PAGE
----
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Beyond the Lemonade Stand: How to Teach High School Students Lean Startups

What happens when you introduce entrepreneurship in a high school classroom.
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While the Lean LaunchPad class has been adopted by Universities and the National Science Foundation, the question we get is, "Can students in K-12 handle an experiential entrepreneurship class?" 

Hawken School has now given us an answer. Its seniors just completed the school’s first-ever three-credit semester program in evidence-based entrepreneurship. Students are fully immersed in real-world learning during the 12-week Entrepreneurial Studies course.

Here's what Doris Korda, Associate Head of School and Tim Desmond, Assistant Director of Entrepreneurial Studies, did, and how they did it:

Teaching students to think like entrepreneurs not accountants

We realized that past K-12 entrepreneurial classes taught students "the lemonade stand" version of how to start a company: 1) come up with an idea, 2) execute the idea, 3) do the accounting (revenue, costs, etc.).

We wanted to teach our students how to think like entrepreneurs not accountants. Therefore we needed them to think and learn about two parts of a startup; 1) ideation: how to create new ideas and 2) customer development: how do they test the validity of their idea (is it the right product, customer, channel, pricing, etc.).

Our first insight was that if we broke the class in half and separated ideation from customer development, our students would understand 1) that an idea is not the company and 2) that almost all initial ideas are wrong. 

So rather than starting with the students' own business ideas, we decided to first give our students experience doing customer discovery on someone else's idea. Then, in the second half of our semester we let our students come up with their own ideas and run the customer discovery process on their own product.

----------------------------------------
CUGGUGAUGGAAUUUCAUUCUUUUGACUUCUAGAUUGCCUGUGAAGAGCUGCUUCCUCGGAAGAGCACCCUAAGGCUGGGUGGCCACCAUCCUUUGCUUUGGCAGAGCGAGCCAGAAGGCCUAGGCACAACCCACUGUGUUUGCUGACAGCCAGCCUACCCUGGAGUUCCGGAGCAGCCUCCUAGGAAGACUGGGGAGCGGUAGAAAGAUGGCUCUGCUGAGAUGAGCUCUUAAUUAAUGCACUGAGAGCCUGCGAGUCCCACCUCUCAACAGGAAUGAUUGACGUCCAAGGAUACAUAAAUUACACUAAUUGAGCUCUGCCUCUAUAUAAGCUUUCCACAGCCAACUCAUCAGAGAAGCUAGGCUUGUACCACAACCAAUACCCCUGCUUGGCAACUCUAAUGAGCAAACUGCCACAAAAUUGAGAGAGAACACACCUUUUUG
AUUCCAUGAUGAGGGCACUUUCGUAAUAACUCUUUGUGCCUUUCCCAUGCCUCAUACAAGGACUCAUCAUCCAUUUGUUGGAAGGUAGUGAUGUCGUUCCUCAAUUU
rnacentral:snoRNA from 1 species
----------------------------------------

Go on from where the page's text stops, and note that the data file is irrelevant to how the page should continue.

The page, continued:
Customer Discovery in the Real World

Our students first worked on real problems with two local startups that agreed to be their clients. These two startups had problems they could not solve on their own due to lack of resources--time, people, money. The startups and teaching team crafted a challenge for the kids to tackle using the customer development methodology, Lean Launchpad tools and the business model canvas.

For the first startup, we chose a three-year old, funded company that was working to refine its customer segment and channel for its physical product.  For the second startup, we chose a year-old web/mobile startup with a market of college bound teens and a founder who had skipped the initial customer validation process. These two startups served as the students' introduction to customer development methodology. Each student team conducted over 100 detailed interviews in an effort to develop results for each client.

Hawken students doing Customer Discovery in a mall

Hawken students practicing Customer Discovery in a mall.

As these were high school kids with--for the first time--a real business relying on them, this portion of the class shook the students so badly that they couldn't move from their seats, literally. All of their hardwired school habits turned to dust as the kids realized their school tools were useless: there were no solution keys, no rubrics, no answers in the back of the book. Feeling the pressure after three wasted days, one student on one team finally convinced her team they needed to get out of the building--like in Steve's video. That's when everything changed.

Knowing that they had three weeks before presenting to the company co-founders, the kids felt an intensity that no traditional classroom could generate. The pace and uncertainty of the class picked up and never let up from that point on.

The second startup, because it was in an earlier stage and more complicated than the first, had the kids going even deeper into the nine blocks of the business model canvas. When the students' customer development narratives revealed that the client's user interface was problematic, students with no programming experience began redesigning the user interface using Lean UX principles, tools and strategies.

And yet, students were still afraid to rethink the client's product: "If we tell [her] how to unclutter the interface, it will cost her a ton of money and she'll be mad at us."  

One of the students' mentors--a professional UX designe--encouraged the kids, "You have the facts. You've developed archetype and narratives from a ton of real customer interviews. You need to propose disruptive solutions. What can you propose that will solve the customers' problems and set this product apart in a meaningful way?"